Canon have just announced the G11, the next in their line of well respected compact digital cameras, and given that it is almost identical in size and weight of the Olympus PEN E-P1 Micro Four Thirds camera, I thought it would be handy to do a quick comparison of the two.
Interestingly, Canon has quite wisely reduced the number of pixels from the silly 14.7 mpixels in the G10 to a much more sensible 10mp in the G11 – see my posts in Sept and Nov 2008 regarding the G10.
They both have flash hot-shoes with system-dedicated TTL capability, have 2 or 10-12 sec self-timers, optional wireless remote controls, contrast detect AF including face detection AF, mono-aural video, a multitude of scene modes, shoot in RAW or jpeg, and use SD/SDHC memory cards, have USB 2.0 and HDMI outputs.
But there are some VERY important differences.
The Canon G11‘s 5x zoom lens is a touch more compact and has macro to 1cm, and has the nice flip out LCD screen (and thus it may be better to compare it with the forthcoming rumoured Panasonic GF-1 in this regard), an optical viewfinder that zooms with the lens, and for outdoor flash in sunlight, it has a flash sync to 1/2000th sec presumably at full flash output which can be very handy. It has a small built-in flash (the GF-1 will have this but not the E-P1). Although no tests have been published as yet, it would be reasonable to expect that the AF on the G-11 may be faster than the E-P1 but perhaps not as fast or equivalent to the Panasonic GF-1 when it is released (assuming it uses similar AF technology as the very fast AF in the Panasonic GH-1)
The Olympus E-P1 (and Panasonic GF-1 when it comes), can be expected to have more dynamic range and much better image quality at higher ISO given its photosites are some 5x bigger, greater image detail as less diffraction limitation issues, and allows far more versatility in terms of much better ability to control depth of field, and ability to use almost any lens ever made and have them all image stabilised including very fast f/1.4 lenses, tilt-shift lenses, dedicated macro lenses, ultra-wide lenses such as 14-28mm zoom lenses, and super-telephotos. It has HD video not just VGA video, and can shoot at 3fps not just 1.1 fps.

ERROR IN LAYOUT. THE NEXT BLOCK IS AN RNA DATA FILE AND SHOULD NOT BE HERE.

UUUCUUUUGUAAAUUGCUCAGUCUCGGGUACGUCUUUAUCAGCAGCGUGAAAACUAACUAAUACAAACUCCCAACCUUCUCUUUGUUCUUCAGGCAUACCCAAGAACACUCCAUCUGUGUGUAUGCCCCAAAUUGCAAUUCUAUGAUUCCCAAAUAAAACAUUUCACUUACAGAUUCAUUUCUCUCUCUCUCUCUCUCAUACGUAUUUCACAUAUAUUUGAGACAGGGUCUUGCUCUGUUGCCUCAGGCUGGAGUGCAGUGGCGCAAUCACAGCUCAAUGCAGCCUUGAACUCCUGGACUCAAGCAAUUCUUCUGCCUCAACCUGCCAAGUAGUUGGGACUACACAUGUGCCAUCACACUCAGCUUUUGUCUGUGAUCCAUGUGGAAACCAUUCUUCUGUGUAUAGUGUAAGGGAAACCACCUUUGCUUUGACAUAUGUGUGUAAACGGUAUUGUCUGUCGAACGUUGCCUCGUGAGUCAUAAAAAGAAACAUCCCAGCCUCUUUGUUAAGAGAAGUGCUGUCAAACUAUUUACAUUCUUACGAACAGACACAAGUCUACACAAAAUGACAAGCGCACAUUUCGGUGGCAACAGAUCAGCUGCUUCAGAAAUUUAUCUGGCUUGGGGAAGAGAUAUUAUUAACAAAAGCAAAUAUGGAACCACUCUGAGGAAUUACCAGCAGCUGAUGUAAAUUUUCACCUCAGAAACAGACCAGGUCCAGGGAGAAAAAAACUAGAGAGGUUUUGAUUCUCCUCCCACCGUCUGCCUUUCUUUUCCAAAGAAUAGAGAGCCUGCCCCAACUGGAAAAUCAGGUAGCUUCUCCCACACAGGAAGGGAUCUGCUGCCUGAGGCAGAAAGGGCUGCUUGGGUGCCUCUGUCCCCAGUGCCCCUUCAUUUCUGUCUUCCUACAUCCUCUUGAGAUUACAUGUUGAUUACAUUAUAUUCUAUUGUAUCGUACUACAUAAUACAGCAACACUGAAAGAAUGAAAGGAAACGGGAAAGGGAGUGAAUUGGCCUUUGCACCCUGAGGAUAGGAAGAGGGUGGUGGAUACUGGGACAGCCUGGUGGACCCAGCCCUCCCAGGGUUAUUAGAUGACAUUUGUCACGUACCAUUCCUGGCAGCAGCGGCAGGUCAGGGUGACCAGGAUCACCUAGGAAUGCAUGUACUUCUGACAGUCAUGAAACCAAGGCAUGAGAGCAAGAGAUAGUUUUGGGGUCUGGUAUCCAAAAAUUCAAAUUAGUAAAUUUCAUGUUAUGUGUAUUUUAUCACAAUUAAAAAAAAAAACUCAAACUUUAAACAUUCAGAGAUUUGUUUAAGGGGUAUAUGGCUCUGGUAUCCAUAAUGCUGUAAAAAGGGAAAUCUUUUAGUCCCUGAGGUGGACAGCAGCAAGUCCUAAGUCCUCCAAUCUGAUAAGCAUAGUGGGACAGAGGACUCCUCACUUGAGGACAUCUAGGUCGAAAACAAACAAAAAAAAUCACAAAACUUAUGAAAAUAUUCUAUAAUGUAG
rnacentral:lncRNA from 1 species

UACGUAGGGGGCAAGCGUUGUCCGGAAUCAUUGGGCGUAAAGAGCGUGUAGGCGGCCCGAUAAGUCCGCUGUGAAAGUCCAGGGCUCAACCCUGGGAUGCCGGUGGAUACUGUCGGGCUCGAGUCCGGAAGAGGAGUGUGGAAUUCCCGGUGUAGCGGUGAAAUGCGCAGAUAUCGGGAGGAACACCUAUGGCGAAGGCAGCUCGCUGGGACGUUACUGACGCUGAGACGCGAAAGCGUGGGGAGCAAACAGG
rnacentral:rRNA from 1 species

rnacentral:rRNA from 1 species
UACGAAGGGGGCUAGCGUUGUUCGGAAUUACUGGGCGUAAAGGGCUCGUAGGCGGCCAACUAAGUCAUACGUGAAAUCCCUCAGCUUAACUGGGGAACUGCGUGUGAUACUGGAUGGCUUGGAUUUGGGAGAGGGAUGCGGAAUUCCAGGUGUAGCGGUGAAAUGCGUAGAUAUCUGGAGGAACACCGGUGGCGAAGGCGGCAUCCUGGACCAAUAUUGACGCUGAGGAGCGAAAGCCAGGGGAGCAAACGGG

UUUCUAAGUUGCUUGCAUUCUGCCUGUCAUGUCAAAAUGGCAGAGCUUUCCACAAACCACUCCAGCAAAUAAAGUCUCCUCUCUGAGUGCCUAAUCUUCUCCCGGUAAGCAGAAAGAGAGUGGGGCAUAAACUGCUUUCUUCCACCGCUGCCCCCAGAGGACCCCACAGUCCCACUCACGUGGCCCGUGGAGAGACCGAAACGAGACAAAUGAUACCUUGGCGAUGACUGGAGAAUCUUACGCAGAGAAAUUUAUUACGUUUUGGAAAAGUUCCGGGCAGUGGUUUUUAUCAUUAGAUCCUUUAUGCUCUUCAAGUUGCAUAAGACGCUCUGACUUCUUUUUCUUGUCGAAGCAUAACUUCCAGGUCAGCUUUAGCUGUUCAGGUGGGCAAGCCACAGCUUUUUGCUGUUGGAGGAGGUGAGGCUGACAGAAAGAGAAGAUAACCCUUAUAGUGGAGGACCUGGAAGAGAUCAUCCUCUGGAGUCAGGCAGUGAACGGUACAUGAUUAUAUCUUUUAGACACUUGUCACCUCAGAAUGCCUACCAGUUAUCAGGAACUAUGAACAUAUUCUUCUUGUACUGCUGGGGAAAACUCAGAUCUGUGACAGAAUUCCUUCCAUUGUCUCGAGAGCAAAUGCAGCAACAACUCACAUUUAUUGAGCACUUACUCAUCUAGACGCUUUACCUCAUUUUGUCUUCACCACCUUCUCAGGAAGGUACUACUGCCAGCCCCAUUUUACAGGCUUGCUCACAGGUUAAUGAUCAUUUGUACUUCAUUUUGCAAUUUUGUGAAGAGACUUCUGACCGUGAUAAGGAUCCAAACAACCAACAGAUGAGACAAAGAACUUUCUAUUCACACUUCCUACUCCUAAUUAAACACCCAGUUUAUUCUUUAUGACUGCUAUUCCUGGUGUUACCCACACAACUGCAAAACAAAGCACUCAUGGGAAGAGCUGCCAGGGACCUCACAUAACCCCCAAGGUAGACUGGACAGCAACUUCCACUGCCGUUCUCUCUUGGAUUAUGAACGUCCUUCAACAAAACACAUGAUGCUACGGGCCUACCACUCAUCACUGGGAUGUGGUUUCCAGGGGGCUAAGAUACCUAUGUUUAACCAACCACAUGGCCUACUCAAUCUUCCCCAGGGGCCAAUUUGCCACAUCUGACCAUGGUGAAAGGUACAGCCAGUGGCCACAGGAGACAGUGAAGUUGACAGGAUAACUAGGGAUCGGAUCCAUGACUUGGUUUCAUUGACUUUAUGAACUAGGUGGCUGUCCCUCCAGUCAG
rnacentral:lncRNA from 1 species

In contrast, the G11 having a fixed lens limits you to a very useful 28-140mm focal length range at f/2.8-4.5 image stabilised which can be extended to some extent by attaching conversion lenses but these generally decrease image quality.
The G11 may better suit a significant niche of the market consisting of those who are happy to carry around a marginally smaller camera and with a more useful optical viewfinder, with built-in 5x zoom and macro and who do not need the higher image quality or versatility of the E-P1. Canon users in particular, can leverage their Canon speedlights in TTL mode on the G-11, while Olympus dSLR users can use their Olympus flash units in TTL mode on the E-P1 or GF-1.
Personally, the few areas where the G11 beats the E-P1 are not enough for me to recommend the G11 over the E-P1 or the GF-1 or the E-P2 which are more likely to be a G11 killer (or GH-1 if you don’t mind a bulkier camera), as image quality and ability to create shallow depth of field for pleasing portraits is important to me, particularly when you can combine that with the sheer fun of using almost any lens ever made.
|Olympus E-P1|| Canon G11
|dimensions||121mm (W) x 70mm (H) x 36mm (D) (excluding lens)||112 x 76 x 48 mm|
|weight w/o battery||335g||355g|
|sensor size||18.00 x 13.50 mm, 2.43 cm² (ie. almost 6x larger!)||7.60 x 5.70 mm, 0.43 cm²|
|pixel density (smaller is better)||5.1 mpixels/cm² (ie. almost 5x better)||23 mpixels/cm²|
|pixels||12.3 million||10.0 million|
|shutter||1/4000th sec – 60 sec + BULB||1/4000th sec – 15 sec + BULB|
|flash modes||Auto, Slow sync, rear curtain, 2nd curtain, manual levels, red-eye reduction, flash sync to 1/180th sec but in SuperFP/HSS mode to 1/4000th sec with FL-36R or FL-50R flash.
Panasonic do not currently support superFP/HSS mode and flash sync on GH-1 is 1/160th sec.
|Auto, Flash On, Flash Off, Slow Sync, Red-eye reduction, Slow sync 2nd curtain, manual, face detection FE compensation, +/- 2EV
flash sync to 1/2000 sec with full output flash possible (not just HSS mode)
|exposure compensation||-3 to +3 EV in 1/3, 1/2, 1EV steps||-2 to +2 EV in 1/3 EV steps|
|continuous shot burst rate||3 fps||1.1 fps|
|movie video modes||1280 x 720 (30 fps), 640 x 480 (30 fps)||640 x 480 @ 30 fps, 320 x 240 @ 30 fps|
|LCD||3″ 230,000 dots fixed
GF-1 also has a fixed LCD
|2.8″ 461,000 swivel|
|viewfinder||optional optical fixed focal length for 17mm lens – slide onto hot shoe
GF-1 has an optional EVF which attaches to the hotshoe
|in-built optical zoom|
|lens||kit lenses – 28-84mm f/3.5-5.6 and 34mm f/2.8 pancake (all in 35mm terms – divide by 2 for actual focal length)
Micro Four Thirds (including the awesome Panasonic 20mm f/1.7 pancake) PLUS almost any lens ever made via adapters, with most of the Four Thirds lenses having AF capability albeit slowly.
Olympus has introduced another Micro Four Thirds body, the E-P2 which is similar to the E-P1 but adds the ability to use a removable electronic viewfinder placed in the hotshoe which is said to be better than the Panasonic GF-1 EVF, and the accessory port also allows for an external mic to be used. It also adds subject tracking AF in still and movie mode (but not as fast as on the Panasonic GH-1), and some image processing enhancements such as i-enhance that tweaks color, and 2 new art filter modes. These enhancements will mean that for many people, the E-P2 will be the camera to get over the E-P1, as you can now bring the camera to the eye which gives you steadier shots and also removes the problem of bright sunlight on the LCD screen. It also has leveling indicators which can be very handy.